Do You Fish in Real Life?

This article analyses the transfer of fishing activity between the physical and virtual worlds.

Do You Fish IRL? In Real Life. I dislike the phrase, because it implies that everything else is unreal. Yet many virtual environments trigger the same human emotions as the physical world. Very real indeed.

Google US search for 'fishing guide'. If you search US Google for the term “fishing guide“, the first result may surprise you. It doesn’t help to catch any of the 30,000 species of fish found on planet earth. And its author has bright pink hair.

This isn’t just a neat party trick. Nor an indication that I should write a real fishing guide. Nor a failing of Google’s search index: Google is directing such a generic search to a game-specific website because the search engine thinks that the majority of people searching for a “fishing guide” are looking for a World of Warcraft fishing guide. (The box below provides evidence.)

Perhaps, within the online sphere, virtual fishing is as important as conventional fishing? The caveat, “within the online sphere”, is crucial: Physical world anglers generally aren’t sat in front of a computer screen, while World of Warcraft anglers are. However, the internet is still widely used to find information about offline pursuits: The US Angler Survey found that 42% of those surveyed primarily learn about fishing from websites – more popular than print media. (The survey is presumably biased, because anglers that use the internet are more likely to complete an online survey – but still indicates the internet is a fairly important source of information for physical world anglers.) Of course far more people search for generic terms like “fishing” than anything WoW or guide-related. So game-related search does not dominate as much as it may first seem.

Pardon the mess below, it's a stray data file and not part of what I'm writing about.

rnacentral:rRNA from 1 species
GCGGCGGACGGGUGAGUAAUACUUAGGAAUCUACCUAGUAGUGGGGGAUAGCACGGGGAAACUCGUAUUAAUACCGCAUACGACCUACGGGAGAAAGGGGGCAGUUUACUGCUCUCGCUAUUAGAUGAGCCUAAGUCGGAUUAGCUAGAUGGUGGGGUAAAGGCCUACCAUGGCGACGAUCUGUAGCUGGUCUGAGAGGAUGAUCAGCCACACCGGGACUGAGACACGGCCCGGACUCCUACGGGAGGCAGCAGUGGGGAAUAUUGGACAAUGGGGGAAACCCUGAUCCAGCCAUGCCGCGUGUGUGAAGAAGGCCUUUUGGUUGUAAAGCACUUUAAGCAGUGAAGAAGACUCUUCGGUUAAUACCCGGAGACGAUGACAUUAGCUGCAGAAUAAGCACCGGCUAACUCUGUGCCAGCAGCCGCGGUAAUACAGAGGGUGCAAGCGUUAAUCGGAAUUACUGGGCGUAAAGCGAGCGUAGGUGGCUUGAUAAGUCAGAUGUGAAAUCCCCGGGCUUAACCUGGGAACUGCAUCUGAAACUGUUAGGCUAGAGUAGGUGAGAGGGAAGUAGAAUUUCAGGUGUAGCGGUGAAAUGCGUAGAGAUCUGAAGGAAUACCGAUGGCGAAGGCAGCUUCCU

Searches for “fishing guide” are not the only way online anglin’ is merging with offline.

As the remainder of this article demonstrates, World of Warcraft anglers are up to 3 times more likely to fish in the physical world than the wider population: If you enjoy fishing “for real”, you are more likely to fish virtually than other players. This implies that the fishing activity transfers directly between the physical and virtual worlds. Read More

Favorite Fishing Places

This article analyses the favourite fishing locations of World of Warcraft anglers. Both where and why.

The most popular single zone is the Grizzly Hills, with Azshara’s Bay of Storms and Wintergrasp in joint second place. Reasons are split into artistic (music, scenery), emotional (relaxation, memories), practical (fish caught, convenience), and social (companions, player interaction) themes. Overall, each theme has similar importance. The article discusses the apparent contardiction between desires for solitude, and to be surrounded by life.

This is the second of several topics that explore the reasons people fish in a virtual world, ultimately drawing parallels with fishing in the physical world. Read More

Where We Fish

This article analyses where players fish in the game World of Warcraft. It reveals the role of daily quests in shaping our fishing habits, demonstrates just how popular city-fishing is, and starts to reveal why we fish. This is (hopefully) the first in a series of articles that collectively examine why people fish in this massively multiplayer online game.